Telling the Teacher to Stop Making Comments About Her Wheelchair: Was She Wrong?

A student received more than 26,900 reactions and over 800 comments on social media after sharing her story about a teacher who made comments about her wheelchair.

A Wheelchair User

happy wheelchair user

18-year-old Amy*, an ambulatory wheelchair user, has used her chair for nearly seven years. She explains that it has become uncomfortable and makes noise, but she is still emotionally attached to it.

“I’m currently due an upgrade for my chair,” Amy said, “We’re saving to pay for the new one at the moment.”

The Chair Was Noisy

teacher giving funny look

However, Amy’s English teacher has been making comments about how banged-up-looking the chair is and gets angry when she makes any noise while moving.

When Amy’s English teacher made a comment about her chair looking “like it’s about to collapse,” Amy got angry.

One Day Amy Stood Up For Herself

girl in wheelchair arms crossed

“You know what, if you think I should get a new chair so bad, you can pay the nearly four grand it’s gonna cost,” Amy said. “Or you can stop making nasty comments about something that literally doesn’t affect you.”

Her Classmate Criticized Her Move

girl in wheelchair shrugging

The other student sitting beside Amy thought she was “a***ole-ish” because the teacher may not have realized how “difficult” it was to get a new one, and she didn’t need to respond so angrily.

Was She Wrong?

wheelchair user covering face

The female wheelchair user now wonders if she was wrong for responding back in such a manner and asks social media if she is an “a****ole”?

Reactions From The Reddit Community

wheelchair user winking

Amy’s case has sparked debate on whether or not someone in her situation is justified in asking someone to stop making such comments. The consensus was that she was “not the a***ole.” (NTA).

The Teacher Made Inappropriate Comments

teacher cannot believe

One user received more than 6,300 “upvotes” for their response: “Not at all. It’s bizarre and SO rude to comment on someone’s wheelchair. Has she just crawled out from under a rock? Of course, wheelchairs are expensive.”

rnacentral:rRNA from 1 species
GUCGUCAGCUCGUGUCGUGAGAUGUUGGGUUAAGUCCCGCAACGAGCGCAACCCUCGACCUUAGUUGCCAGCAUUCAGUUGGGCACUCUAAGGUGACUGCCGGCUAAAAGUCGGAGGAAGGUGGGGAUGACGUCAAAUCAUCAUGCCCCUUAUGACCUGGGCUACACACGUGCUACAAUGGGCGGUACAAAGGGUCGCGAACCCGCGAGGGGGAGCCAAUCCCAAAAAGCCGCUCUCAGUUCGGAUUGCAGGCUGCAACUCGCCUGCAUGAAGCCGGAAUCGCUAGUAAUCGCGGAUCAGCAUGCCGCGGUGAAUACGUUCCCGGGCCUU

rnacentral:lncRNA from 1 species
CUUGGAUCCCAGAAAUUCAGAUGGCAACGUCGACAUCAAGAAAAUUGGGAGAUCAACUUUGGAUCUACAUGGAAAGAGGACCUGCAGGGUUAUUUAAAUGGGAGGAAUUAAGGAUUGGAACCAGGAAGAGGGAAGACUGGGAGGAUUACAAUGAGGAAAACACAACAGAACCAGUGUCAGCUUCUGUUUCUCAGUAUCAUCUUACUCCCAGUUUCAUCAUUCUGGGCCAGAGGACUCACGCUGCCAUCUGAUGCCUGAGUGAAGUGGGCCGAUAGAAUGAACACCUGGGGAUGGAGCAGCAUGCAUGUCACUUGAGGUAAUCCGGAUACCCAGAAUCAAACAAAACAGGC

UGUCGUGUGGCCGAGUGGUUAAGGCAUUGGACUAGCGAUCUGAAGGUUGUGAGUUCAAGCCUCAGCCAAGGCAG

“I would reach out to the principal just to be sure she doesn’t hold this against you come time for grades,” they said.

She Was Being Ignorant

teacher thinking

Someone else replied: “I don’t get what the kid next to her was on about either. It doesn’t matter what the teacher did or did not know because ignorance is never an excuse for causing harm.

It Was Inappropriate

wheelchair user with thumbs down sign

Another person commented, receiving more than 3,900 upvotes: “Mobility aids are often expensive and hard/slow to get the right fit for the individual. It doesn’t take someone with vast medical knowledge to know this.

“And even if it did, she’s an adult and supposed to be a professional; it’s not acceptable for her to pass comment on any aspect of a student’s appearance.”

It Was an Insult To Wheelchair Users

wheelchair user holding breath

A wheelchair user took to the comments to express their opinion on interacting when someone has a mobility aid.

They explained that it is acceptable to give compliments such as, “Wow, your hair is so cool! I love the color!” but not appropriate to make rude comments like “Wow, your hair looks like it’s just going to fall off of your head, you should really get a haircut.”

The user also mentions that they spent over $12,000 on their wheelchair and would be disappointed if nobody commented on it.

Treat Others With Respect

wheelchair user not impressed

This quote serves as an example of how people with mobility aids prefer to be treated when someone is commenting on their equipment. It emphasizes the importance of being respectful when interacting with individuals who use wheelchairs or other mobility aids.

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*Name changed for privacy reasons.

This story, Was She Wrong For Telling the Teacher to Stop Making Comments About Her Wheelchair? was produced and syndicated by TPR Teaching. This originally appeared on Reddit.

Caitriona Maria is an education writer and founder of TPR Teaching, crafting inspiring pieces that promote the importance of developing new skills. For 7 years, she has been committed to providing students with the best learning opportunities possible, both domestically and abroad. Dedicated to unlocking students' potential, Caitriona has taught English in several countries and continues to explore new cultures through her travels.

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